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Sunday, 27 January 2013 12:22

Always Have a Story Ready ... You Don't Know When You'll Need It Featured

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Always Have a Story Ready … You Don’t Know When You’ll Need It

I just completed three weeks of jury duty. So, what does that have to do with storytelling? Part of picking the jury members included a questionnaire that we each had to fill out for the judge and the lawyers. Under occupation, I included “storyteller” along with my other careers. When the lawyer for the prosecution questioned me in front of the court, he asked me quite a few questions about storytelling. I don’t know how many of you have ever served on a jury, but one quantity over which you don’t have any control is time – as the bailiff said, “Court time isn’t real time.” As we jurors spent many hours waiting in the jury room, I was, as a storyteller, asked to tell stories. Fortunately, knowing that other storytellers have come to the rescue in other situations, I was prepared – and they loved it!

As a storyteller, don’t be shy. Speak up! First and foremost, have a repertoire of short, punchy stories that work for all ages. You never know when you will have the opportunity to share your stories. It may be while you are waiting in a long line. It may be when a flight has been cancelled or delayed. It may be when you are attending a program and the speaker hasn’t shown up. It may be when you have been called to a meeting, but the leader has been detained. You may be involved at your child’s school and thrown into a situation where you have a room full of wiggly children waiting for a bus or some activity to begin. In any of these situations or others (possibly, something as scary as an elevator that is stuck between floors), tell the group that you are a storyteller, and would they like to hear a story while they are waiting. It would be a strange reaction if they said, “No,” because everyone loves a good story.

Start by telling your best and favorite story that is appropriate for the group. Oftentimes, when we are performing for a group, we save our best until last. In an impromptu situation, you may not have a chance to tell another story, so you want to leave them remembering the best of what you have to offer. I was pleased that I shared my signature story with the jurors at first, followed by some of my short, humorous stories, because as the days passed and the trial became more serious and unpleasant, the other jurors didn’t even want to hear stories and I didn’t want to tell them either. We were all too involved with the details of the case.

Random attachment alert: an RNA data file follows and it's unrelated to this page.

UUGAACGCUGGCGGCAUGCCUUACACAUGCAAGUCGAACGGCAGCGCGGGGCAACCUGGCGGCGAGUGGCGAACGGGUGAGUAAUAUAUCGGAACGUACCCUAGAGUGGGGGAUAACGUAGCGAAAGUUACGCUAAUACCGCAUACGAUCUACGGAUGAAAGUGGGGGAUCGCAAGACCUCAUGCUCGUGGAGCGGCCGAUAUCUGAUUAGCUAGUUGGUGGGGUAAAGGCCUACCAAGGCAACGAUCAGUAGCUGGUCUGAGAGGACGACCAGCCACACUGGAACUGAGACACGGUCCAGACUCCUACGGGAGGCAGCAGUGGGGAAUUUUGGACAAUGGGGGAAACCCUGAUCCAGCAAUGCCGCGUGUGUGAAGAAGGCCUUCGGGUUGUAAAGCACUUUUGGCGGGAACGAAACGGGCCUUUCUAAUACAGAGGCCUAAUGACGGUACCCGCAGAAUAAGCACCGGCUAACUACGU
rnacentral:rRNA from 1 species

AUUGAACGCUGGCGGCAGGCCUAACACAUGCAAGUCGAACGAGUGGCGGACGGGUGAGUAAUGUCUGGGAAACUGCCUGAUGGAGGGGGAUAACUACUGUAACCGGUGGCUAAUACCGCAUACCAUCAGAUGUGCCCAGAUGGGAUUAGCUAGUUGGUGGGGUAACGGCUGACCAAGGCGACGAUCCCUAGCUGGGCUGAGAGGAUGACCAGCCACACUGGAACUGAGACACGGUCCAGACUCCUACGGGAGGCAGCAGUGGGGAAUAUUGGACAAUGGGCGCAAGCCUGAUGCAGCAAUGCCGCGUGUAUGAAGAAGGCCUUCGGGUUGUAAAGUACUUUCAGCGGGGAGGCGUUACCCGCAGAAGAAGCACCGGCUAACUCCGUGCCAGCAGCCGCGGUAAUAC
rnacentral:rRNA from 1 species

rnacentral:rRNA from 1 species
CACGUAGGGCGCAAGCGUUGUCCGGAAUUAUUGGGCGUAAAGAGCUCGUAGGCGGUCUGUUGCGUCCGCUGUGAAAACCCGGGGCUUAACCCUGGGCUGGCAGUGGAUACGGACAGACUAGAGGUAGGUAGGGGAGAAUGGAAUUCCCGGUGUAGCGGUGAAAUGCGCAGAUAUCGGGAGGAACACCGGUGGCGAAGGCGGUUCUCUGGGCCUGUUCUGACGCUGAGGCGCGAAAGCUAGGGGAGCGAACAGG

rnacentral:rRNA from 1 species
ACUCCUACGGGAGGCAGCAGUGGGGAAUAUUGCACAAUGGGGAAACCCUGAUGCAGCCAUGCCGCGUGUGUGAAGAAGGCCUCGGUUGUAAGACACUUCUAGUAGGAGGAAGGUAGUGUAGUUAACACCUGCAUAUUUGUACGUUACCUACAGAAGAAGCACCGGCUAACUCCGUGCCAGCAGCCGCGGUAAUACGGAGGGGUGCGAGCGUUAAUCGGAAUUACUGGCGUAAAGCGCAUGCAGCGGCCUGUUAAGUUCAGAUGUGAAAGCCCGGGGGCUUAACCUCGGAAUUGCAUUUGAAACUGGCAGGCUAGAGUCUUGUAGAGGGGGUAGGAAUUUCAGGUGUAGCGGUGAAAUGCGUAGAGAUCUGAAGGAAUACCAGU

Realize that impromptu telling can become a great marketing tool. I am not suggesting that you become pushy, but I do suggest that you always have business cards handy. Once a new group finds out that you are a storyteller, and that storytelling is “alive and well,” there will be at least one person in the crowd who has a relative, a child, and/or an association that they think might like to hear your stories in the future. This impromptu telling can serve not only as an introduction to storytelling, but also as an introduction of you as a storyteller. Even if they don’t call you directly, at least they now realize that there are people who tell stories to groups.

Go one step further, and let local organizations know that you are ready. If you have ever worked on programming for a group or organization, you know that with Murphy’s Law in effect, there is always the chance that a program will fall through at the last minute – a speaker becomes ill, is stuck in an airport, has a car that breaks down, or suffers one of the many other unforeseeable mishaps. Let schools, libraries, Chambers of Commerce, the YMs amd YWs, associations that meet regularly, and anyone else who sets up programs know that you can come and tell stories at a moment’s notice – of course, only if that is true. Even if you need a couple of days’ notice, you will still get calls for last minute cancellations. This is one of the quickest routes to endearing yourself in your community. There is nothing more daunting to a meeting planner than having a room full of people waiting for a presenter that doesn’t show up.

So, get your stories ready and when an opportunity arises – and they will – get on your feet and start telling. You and your listeners will be glad you did!


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